Not happy, ScoMo. Inside the head of the Aussie consumer

From Westpac’s marvelous Red Book:

The Westpac–Melbourne Institute Consumer Sentiment Index declined 4% over the three months to July, taking the Index to 96.5, a two year low.

― The fall is troubling given the context, coming despite several positives including interest rate cuts; income tax relief; reduced political uncertainty following the Federal election; and signs that the Sydney and Melbourne property markets are stabilising.

― The component detail shows the decline centred around expectations for the economy and the outlook for family finances, with sharp falls in these subindexes partially off set by a modest gain in assessments of current conditions.

― Risk aversion eased slightly but remains near historical highs. The Westpac Risk Aversion Index edged down slightly to 45 from 49 in March and 51 in December. The Index is still well above the long run average of 14.7.

― CSI± our modified sentiment indicator that we favour as a guide to actual consumer spending, has been better supported, rising 1.5% between May and July. However, it was coming from a much weaker starting point than the headline sentiment index, and at 89.8 remains over 12pts below its long run average of 102.4. As such the signal is still consistent with falling per capita consumer spending. Partial data and business surveys suggest spending remained weak in Q2.

― Consumer attitudes towards major purchases have also been better supported, the ‘time to buy a major item’ sub-index down only 4%yr. However, actual spending on ‘big ticket’ items has weakened sharply over the last year, suggesting other factors such as budget pressures, and reduced access to finance are over-riding buyer sentiment when it comes to purchase decisions.

― Housing-related sentiment continues to show a clearer positive response to lower interest rates and other policy developments, both ‘time to buy’ and house price expectations recording strong increases.

― The ‘time to buy a dwelling’ index lifted a further 3.2% over the 3mths to July, the month marking the fi rst above average read in 4½ years. The index has now risen 36.8% from its mid-2017 low, NSW and Vic continuing to show the biggest turnaround.

― The Westpac-Melbourne Institute Consumer House Price Expectations Index has posted an even bigger surge jumping 33.5% between May and July. At 119.4, the Index is at its highest level since May last year but still below the long run average of 126. The level looks to be broadly consistent with stable prices.

― Consumer confidence in the labour market has deteriorated significantly since May the Westpac-Melbourne Institute Unemployment Expectations Index jumping 11.2% over the June-July (recall that higher reads mean more consumers expect unemployment to rise in the year ahead). At 134.4, the Index is materially above its long run average of 130 for the first time since September 2017 implying consumers expect a moderate rise in the unemployment rate over the next 12mths.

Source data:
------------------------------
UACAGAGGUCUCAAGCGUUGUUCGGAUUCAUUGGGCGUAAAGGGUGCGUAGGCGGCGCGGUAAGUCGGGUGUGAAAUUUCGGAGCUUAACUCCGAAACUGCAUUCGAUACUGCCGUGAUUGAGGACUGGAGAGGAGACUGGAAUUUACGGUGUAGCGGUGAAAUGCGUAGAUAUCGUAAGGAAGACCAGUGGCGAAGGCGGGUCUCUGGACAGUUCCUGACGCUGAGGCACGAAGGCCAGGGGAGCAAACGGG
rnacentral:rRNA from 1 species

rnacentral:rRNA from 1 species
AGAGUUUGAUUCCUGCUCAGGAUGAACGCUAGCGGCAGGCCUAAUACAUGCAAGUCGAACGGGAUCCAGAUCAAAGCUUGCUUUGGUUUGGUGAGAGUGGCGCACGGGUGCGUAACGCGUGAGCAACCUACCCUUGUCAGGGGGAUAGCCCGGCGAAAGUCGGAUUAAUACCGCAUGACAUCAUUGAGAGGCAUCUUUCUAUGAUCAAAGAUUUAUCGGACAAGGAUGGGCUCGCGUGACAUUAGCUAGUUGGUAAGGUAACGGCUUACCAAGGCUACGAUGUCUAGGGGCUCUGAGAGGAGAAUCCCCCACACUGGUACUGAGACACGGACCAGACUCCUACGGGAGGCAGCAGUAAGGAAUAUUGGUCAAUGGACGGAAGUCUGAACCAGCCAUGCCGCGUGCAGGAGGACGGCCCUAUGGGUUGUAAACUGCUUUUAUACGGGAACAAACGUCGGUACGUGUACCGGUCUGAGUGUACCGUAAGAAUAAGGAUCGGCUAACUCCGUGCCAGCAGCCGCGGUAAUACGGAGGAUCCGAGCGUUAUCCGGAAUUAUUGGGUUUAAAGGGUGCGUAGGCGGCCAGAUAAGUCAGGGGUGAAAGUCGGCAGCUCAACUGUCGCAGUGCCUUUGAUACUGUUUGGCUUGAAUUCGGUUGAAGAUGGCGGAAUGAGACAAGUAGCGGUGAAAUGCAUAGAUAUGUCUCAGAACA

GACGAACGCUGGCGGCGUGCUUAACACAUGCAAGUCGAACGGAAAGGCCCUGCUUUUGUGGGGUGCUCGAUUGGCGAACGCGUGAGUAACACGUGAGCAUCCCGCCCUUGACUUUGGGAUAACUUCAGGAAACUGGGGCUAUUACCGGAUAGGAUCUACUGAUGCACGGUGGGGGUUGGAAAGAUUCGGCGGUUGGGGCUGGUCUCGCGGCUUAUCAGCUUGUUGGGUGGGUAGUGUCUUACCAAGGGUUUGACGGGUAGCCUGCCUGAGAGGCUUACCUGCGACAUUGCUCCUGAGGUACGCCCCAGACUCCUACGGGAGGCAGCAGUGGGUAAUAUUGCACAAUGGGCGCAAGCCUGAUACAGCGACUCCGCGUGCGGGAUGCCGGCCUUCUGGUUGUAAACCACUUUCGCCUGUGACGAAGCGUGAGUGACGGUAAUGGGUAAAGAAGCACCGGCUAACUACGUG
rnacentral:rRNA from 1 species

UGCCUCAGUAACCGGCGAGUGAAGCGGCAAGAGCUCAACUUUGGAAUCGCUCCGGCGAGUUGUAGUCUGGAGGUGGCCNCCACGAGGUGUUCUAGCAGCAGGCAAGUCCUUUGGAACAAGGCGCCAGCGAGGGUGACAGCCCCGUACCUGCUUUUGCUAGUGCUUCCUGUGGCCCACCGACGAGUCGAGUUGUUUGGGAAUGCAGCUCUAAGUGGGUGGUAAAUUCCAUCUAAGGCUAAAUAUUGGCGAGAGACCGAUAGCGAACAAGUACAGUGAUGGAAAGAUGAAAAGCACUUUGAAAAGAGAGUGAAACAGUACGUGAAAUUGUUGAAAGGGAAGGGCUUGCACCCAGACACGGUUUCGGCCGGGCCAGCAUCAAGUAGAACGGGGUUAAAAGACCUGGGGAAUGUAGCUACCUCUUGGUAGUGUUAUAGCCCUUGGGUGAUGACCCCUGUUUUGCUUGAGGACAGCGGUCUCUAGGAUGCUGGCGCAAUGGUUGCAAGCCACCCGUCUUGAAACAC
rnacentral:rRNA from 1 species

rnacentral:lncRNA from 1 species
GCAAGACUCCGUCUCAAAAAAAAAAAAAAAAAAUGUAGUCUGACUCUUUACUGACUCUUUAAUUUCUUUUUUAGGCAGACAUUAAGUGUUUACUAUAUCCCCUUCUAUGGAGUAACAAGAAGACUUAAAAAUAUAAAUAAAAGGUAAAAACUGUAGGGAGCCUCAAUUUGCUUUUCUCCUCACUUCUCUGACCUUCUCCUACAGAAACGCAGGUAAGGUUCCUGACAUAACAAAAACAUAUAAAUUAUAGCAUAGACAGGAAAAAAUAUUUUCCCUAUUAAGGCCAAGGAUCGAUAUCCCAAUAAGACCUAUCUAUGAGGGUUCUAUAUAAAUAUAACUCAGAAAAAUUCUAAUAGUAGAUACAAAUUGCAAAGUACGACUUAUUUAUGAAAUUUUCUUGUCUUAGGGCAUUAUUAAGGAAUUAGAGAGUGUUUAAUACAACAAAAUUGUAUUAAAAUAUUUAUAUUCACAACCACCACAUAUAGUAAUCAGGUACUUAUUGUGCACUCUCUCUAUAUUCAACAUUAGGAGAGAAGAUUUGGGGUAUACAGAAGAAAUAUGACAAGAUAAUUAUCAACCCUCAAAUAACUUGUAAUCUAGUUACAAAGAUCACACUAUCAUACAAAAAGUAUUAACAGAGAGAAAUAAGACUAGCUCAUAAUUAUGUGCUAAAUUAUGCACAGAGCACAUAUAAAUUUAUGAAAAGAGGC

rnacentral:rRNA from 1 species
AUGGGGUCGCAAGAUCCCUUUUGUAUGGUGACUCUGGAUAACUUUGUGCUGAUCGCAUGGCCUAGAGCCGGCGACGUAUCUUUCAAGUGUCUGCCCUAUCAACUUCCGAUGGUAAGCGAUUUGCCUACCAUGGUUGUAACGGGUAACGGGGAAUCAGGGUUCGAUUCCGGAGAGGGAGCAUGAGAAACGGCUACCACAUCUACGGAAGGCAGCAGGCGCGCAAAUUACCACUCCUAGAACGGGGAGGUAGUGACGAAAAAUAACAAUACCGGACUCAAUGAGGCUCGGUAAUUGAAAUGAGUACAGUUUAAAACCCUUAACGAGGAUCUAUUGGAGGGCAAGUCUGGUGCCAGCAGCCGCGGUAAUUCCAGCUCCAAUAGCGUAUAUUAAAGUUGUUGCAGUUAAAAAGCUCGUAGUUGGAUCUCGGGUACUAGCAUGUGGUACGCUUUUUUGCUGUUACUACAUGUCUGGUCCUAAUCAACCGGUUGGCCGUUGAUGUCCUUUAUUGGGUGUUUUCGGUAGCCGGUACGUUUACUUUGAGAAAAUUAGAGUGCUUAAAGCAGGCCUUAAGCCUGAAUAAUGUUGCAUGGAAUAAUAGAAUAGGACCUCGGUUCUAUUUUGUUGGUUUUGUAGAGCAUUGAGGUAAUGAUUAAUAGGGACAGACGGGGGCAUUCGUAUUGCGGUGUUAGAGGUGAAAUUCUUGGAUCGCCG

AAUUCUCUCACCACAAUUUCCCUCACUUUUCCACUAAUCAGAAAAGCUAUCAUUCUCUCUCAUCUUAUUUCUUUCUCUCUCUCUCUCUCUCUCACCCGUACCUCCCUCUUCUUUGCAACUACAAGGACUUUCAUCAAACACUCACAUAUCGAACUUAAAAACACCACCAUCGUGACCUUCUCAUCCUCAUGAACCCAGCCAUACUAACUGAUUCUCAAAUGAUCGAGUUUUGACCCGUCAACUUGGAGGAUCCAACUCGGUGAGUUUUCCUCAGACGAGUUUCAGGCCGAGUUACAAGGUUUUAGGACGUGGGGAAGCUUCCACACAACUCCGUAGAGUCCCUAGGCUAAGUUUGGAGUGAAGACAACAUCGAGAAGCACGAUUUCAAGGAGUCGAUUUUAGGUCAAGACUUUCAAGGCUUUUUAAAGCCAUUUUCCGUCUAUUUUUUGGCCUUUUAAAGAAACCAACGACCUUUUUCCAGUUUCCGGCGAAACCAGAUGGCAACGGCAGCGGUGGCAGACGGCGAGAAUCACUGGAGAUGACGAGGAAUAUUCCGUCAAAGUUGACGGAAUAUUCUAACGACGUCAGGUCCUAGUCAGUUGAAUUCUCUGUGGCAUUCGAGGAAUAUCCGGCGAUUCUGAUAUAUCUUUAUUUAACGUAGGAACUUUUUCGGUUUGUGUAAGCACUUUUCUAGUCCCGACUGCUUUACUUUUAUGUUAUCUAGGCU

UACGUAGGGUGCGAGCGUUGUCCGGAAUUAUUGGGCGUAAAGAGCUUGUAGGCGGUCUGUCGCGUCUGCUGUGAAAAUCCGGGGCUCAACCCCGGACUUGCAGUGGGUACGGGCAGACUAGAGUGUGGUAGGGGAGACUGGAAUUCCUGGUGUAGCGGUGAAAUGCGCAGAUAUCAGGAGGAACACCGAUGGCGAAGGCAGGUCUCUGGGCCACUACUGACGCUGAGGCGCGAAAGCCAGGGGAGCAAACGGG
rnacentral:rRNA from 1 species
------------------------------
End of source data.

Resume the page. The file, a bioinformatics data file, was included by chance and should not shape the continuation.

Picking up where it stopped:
And one last one for good measure:

Looks like consumers no likee ScoMo or ZIRP. Perhaps it’s time for some fiscal!

David Llewellyn-Smith
Latest posts by David Llewellyn-Smith (see all)


  1. Sentiment down, unemployment up, time to buy a major item down. Overall it looks like things are turning to sh1t in multiple domains, so house price expectations are up. WTF? The country is full of idiots, lunatics, both….

    • Torchwood1979

      Explanation for that is easy – this Government is hell bent on keeping wages low but will throw everything including the kitchen sink at housing.

      • BubbleyMEMBER

        How these morons can’t see that rising wages equals higher housing prices completely evades me.

      • Torchwood1979

        @Bubbley, they know rising real wages equals house price rises but they only want the latter. Basically we have a Government that is either oblivious to or happy to take a chance on the growing systemic risk that comes from an increasing wage / debt gap.

  2. This current batch of vibrants are not doing what ScoFry intended them to do i.e. pick up the retail and property slack from debt-enslaved locals.

    (Allow me a quiet chuckle to myself as this patently absurd bit of economic ‘policy’ starts to fail miserably in front of our collective eyes)

    • Who would have thought importing people from cultures where they love doing things on the cheap, wouldn’t translate to lots of retail transactions!

      But now we are stuck with them, with their shiny legally or illegally obtained shiny Medicare cards. And then they will want their pensions after being here for a relatively short time, whilst sending how much of that pension money overseas in remittance.

      Who could have predicated this?

    • Their lack of any marketable skill should also have been a warning. I’ll never forget the uber driver telling me he was about to purchase a house for approx $900k. I then asked him what other work he did besides uber thinking it was a side gig to make some extra cash, turns out it was his actual job. He’ll be fine becuase he is following the solid advice from the gov’t.

      • robert2013MEMBER

        I’m willing to bet that if the housing market really does go south then there will be a lot of debt that can’t be recovered as the mortgagee flees overseas to their country of origin to escape the debt. Imagine Australian businesses trying to recover debt through Indian or Chinese courts.

    • for new immigrants to spend they have to get a job first. if economy is not coughing up jobs then there is no spending – only longer lines at centre link.

  3. In general I don’t spend any money on things that aren’t absolutely essential. Why should I? I’m past the stage of consuming mindlessly. I don’t earn much, can’t work full time though I’m lucky to work to my full capacity, and my basic material needs are taken care of to a level that satisfies me. I’m not exposed to the consume to be validated messages of mass media; they’re super easy to avoid these days. I save everything for either a house deposit (at some stage I’ll be able to afford something, somewhere but until then I’ll save like crazy) and for investment (some select shares for medium to long term time frames). If I spend $20 a week on discretionary spending its a big week for me. I’m probably atypical but I have a feeling I’m also not that unusual these days. I just can’t be bothered spending money, it doesn’t spark joy 😉